You can choose to start at a vocational or community college, or at a trade school, which will provide you with the necessary courses. Some of these electrician programs will help you get in touch with a licensed electrician to begin an internship, or you may be responsible for finding that position on your own. The state also has several union and non-union internship programs, which include all the class time and work hours you'll need to learn how to become an electrician. Online electrician schools may offer a certificate of completion that verifies that you have learned the training course.
However, professional certification and licensing have specific eligibility criteria and exams for which you must be eligible to receive your certificate. Online learning may not be enough in these cases. That's why many employers recommend obtaining basic electrical training before applying for the internships they sponsor. The Lincoln School of Technology's electrical training program is offered at its Melrose Park campus in Melrose Park, in Cook County, Illinois.
Penn Foster offers a comprehensive online electrician program that includes specialized trades lessons, video conferences and quizzes to help you gain a fundamental understanding of electrical technology. The electrical technician course includes the basic foundations of electricity, low-voltage wiring, derivative circuits, electrical wiring, repair, etc. This experience is usually obtained through a learning program and between 500 and 800 hours of classroom training. To take the exam, you must be at least 21 years old, gain two years of experience as an electrician, and demonstrate your work history.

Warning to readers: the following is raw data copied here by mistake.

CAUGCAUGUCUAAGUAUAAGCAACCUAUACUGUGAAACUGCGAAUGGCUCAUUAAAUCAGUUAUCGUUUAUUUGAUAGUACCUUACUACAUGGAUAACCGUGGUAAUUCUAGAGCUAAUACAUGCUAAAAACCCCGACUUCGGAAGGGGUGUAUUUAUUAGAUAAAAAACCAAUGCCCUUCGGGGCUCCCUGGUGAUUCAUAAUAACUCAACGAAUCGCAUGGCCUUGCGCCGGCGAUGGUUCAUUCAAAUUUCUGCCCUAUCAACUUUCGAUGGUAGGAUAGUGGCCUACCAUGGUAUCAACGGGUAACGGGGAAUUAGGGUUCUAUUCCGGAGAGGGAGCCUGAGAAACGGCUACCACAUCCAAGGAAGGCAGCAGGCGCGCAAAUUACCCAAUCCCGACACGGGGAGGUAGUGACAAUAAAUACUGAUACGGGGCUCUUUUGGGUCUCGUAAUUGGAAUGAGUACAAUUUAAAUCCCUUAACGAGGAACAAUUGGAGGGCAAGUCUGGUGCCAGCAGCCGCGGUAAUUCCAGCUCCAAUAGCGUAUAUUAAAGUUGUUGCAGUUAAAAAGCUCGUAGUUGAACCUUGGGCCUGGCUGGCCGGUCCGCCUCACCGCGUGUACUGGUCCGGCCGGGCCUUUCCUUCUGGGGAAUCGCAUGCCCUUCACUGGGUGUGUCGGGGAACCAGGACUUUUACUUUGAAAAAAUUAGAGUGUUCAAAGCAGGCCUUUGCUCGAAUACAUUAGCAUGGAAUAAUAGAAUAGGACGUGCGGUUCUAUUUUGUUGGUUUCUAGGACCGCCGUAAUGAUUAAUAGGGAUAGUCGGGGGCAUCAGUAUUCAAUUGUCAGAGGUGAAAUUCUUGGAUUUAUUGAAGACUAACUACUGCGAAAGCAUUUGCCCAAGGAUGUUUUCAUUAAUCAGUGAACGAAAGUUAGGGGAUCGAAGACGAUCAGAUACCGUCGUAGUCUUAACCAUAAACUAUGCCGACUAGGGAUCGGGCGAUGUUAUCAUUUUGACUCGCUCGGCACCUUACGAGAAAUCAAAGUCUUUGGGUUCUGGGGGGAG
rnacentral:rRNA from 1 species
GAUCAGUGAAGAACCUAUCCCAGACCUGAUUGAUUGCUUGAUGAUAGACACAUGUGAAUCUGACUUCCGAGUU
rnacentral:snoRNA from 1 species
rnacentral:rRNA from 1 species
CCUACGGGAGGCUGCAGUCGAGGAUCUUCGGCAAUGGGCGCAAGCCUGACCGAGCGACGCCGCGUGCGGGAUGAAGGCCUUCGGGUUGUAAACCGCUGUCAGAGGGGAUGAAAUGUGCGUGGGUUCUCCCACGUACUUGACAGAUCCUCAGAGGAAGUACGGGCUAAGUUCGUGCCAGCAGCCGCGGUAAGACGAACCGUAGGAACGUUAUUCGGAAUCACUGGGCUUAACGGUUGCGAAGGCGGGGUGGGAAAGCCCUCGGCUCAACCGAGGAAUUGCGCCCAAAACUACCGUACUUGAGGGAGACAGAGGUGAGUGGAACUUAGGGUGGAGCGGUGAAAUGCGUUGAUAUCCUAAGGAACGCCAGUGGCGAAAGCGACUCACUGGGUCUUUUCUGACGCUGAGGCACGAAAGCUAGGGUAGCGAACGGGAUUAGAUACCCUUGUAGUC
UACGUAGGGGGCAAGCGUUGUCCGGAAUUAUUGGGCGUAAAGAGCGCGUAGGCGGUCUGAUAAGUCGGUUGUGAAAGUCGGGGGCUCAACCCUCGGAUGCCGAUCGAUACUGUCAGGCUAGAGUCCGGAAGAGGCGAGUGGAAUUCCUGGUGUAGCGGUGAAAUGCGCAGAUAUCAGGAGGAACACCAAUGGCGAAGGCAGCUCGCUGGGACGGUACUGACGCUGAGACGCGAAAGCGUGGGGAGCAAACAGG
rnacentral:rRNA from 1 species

Many electricians work for electrical contractors, building contractors and developers, while some work for government agencies or in industrial settings. Required courses include electrical circuits, construction technology, duct bending, print-reading, and technical mathematics. Unlike many careers, the path to becoming an electrician doesn't necessarily start with a college degree. Some states have several levels of electrician licenses, while others have no licensing requirements.
You can also apply for internships to receive hands-on training on installing, repairing and maintaining electrical systems. Industrial electricians make sure that machinery and equipment in factories, manufacturing units, chemical processing factories, etc. With just a few years of paid education and training, you can become an electrician, earn a great income and enjoy good job security. That's because, when it comes to becoming an electrician, education requirements don't vary much.
Along the way, you'll study essential concepts and receive practical workplace experiences related to the typical job description of an electrician. To put these figures into perspective, the expected employment change for all occupations is 5% and 7% for electricians over the same period.